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This recipe for Homemade Mexican Chorizo is a lovely combination of ground pork and spices. Not the same as most of the packaged chorizo, made from lymph nodes and such. YUCK! This recipe is so easy to make you won’t ever have to buy pre-made again. And it freezes beautifully, so you will always have some waiting for you to create your next best dish
Place the pork into a large bowl; add all the remaining ingredients. Use your hands to mix well. OR easier method, place in the work bowl of you stand mixer, use the paddle to blend the ingredients. Divide into serving portions; wrap tightly in plastic wrap. Use fresh within 3 days or freeze for up to 3 months.*
*Freezing for more than 3 months will not cause any kind of health issue, but the flavor of the chorizo might not be as bright.
How does one make Homemade Mexican Chorizo look pretty in a picture? Well, you really can’t. It’s just a big ball of red meat. But you can make pretty pictures (well, mostly pretty) with what deliciousness you can make with your own homemade Mexican chorizo.
Like this beautiful and elegant Mexican Eggs Benedict or
This recipe for a simple Chorizo and Eggs with Crispy Tortilla.
So easy to put together once you have your homemade chorizo.
I’ve eaten chorizo and eggs since I was a little girl. We would pull that tube of Mexican chorizo out of the refrigerator, sauté in a pan until it dissolved into nothing but fatty flavor, add some scrambled eggs that would turn red from the spices, mix it up and serve it up with warm tortillas. I loved the spiciness of the eggs.
Then one day I read the ingredients.
Glands and nodes and lips…oh my. Stuff I would think would go better into dog food or the trash. No wonder the stuff melted into nothing, it was made from fatty glands.
Sometimes ignorance is bliss. Because once you know the truth, you might have to change your ways.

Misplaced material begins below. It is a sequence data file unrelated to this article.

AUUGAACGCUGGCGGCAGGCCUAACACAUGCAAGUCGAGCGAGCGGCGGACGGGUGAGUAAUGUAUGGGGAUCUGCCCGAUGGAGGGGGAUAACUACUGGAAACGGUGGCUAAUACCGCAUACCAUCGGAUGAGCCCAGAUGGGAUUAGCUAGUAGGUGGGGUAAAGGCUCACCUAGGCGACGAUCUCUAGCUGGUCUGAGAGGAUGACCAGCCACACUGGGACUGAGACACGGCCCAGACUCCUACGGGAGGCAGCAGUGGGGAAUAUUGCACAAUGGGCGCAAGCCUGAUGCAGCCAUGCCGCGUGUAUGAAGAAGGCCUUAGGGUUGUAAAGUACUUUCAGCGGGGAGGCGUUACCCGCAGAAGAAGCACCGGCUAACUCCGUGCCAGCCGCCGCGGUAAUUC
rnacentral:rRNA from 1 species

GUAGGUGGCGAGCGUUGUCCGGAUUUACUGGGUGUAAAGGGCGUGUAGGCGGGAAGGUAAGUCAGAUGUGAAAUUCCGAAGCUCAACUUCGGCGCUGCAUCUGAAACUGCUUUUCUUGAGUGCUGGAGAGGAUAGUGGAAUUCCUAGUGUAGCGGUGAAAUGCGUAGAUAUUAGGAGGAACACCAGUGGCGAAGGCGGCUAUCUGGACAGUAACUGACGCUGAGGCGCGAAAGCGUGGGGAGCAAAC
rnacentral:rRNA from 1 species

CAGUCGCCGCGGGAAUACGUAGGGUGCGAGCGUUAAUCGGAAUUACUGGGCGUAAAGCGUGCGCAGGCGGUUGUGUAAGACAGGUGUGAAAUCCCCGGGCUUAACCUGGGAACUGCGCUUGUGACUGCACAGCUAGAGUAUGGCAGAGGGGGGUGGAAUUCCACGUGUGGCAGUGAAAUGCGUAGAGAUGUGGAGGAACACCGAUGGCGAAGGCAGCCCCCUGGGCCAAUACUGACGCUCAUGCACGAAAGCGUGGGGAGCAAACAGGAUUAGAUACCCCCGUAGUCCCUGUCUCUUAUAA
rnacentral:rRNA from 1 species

So I went in search of meat markets that made their own, fresh, chorizo – which in the Los Angeles area was not all that hard to find. But in Tulsa OK – impossible.
So I started making my own. And over the years, I think I make a damn fine homemade Mexican chorizo – for a gringo.
Mexican chorizo is different from Spanish or Portuguese chorizo’s which is a chopped, dry-cured meat. Mexican chorizo is not cured, and not dried. It’s moist meat, generally, pork, mixed with chili and other spices to create a reddish ball of delicious meat.
In Mexico chorizo is used in many ways. Simmered with potatoes and onions in a tomato sauce, in tacos or enchiladas, sautéed into scrambled eggs…so you know they are making their chorizo with meat – not glands. And it’s really easy to make.
Chorizo freezes beautifully, so make a batch, portion it out, and you will have some in the freezer whenever you want to have a little ‘Ole in your day
Yes, it does seem like a lot of spices. But they are not unusual or exotic so I suspect you have many of them in your cupboard already. Maybe used for that pumpkin or apple pie, or that big pot of chili. And you do need ways to use them up right? I mean, we all need to use and replace our spices on a regular basis.
I like to use my mortar and pestle to finely grind my dried oregano. If you are using any other whole spices, add them and grind them up too. I go through cumin so fast, as I do most of my spices, that I generally buy ground. But whole spices do hold their flavor longer, and really, fresh is best (I know, sometimes I’m just lazy like that)…so whatever you use grind to as fine a powder as you can.
I used ground pork butt because of the fat to meat ratio. If you want to try this recipe with ground chicken or turkey, I’m sure it would work – but I would use dark meat rather then breast, and add some skin to it. I think chorizo needs some fat to carry the flavor to the food, and not just the meat. But maybe that’s just me. I suppose bite for bite you would get the whole enchilada.
Once you’ve added your spices, mix, mix, mix with your hands. Oh, and the vinegar is key. The first time I made chorizo I didn’t add any vinegar and it makes a big difference. I call for cider vinegar, but you could also use a white balsamic (not regular balsamic as that is too sweet) or even good old distilled white vinegar.
As with all things, taste and adjust for seasoning.
How? Well, take a bit of your chorizo, put it on a plate, zap it in the microwave for about 30 seconds, and taste it … see that red oil on the plate? Yep, that’s pure flavor.
(It may not be pretty, but it sure is good)
So how about it? Ready to add Homemade Mexican Chorizo to your cooking arsenal? Once you do, you won’t look back.
Place the pork into a large bowl; add all the remaining ingredients. Use your hands to mix well. OR easier method, place in the work bowl of you stand mixer, use the paddle to blend the ingredients. Divide into serving portions; wrap tightly in plastic wrap
Use fresh within 3 days or freeze for up to 3 months.* *Freezing for more than 3 months will not cause any kind of health issue, but the flavor of the chorizo might not be as bright.
Nutritional values are estimates on what you would normally use in a recipe. They may not be 100% accurate
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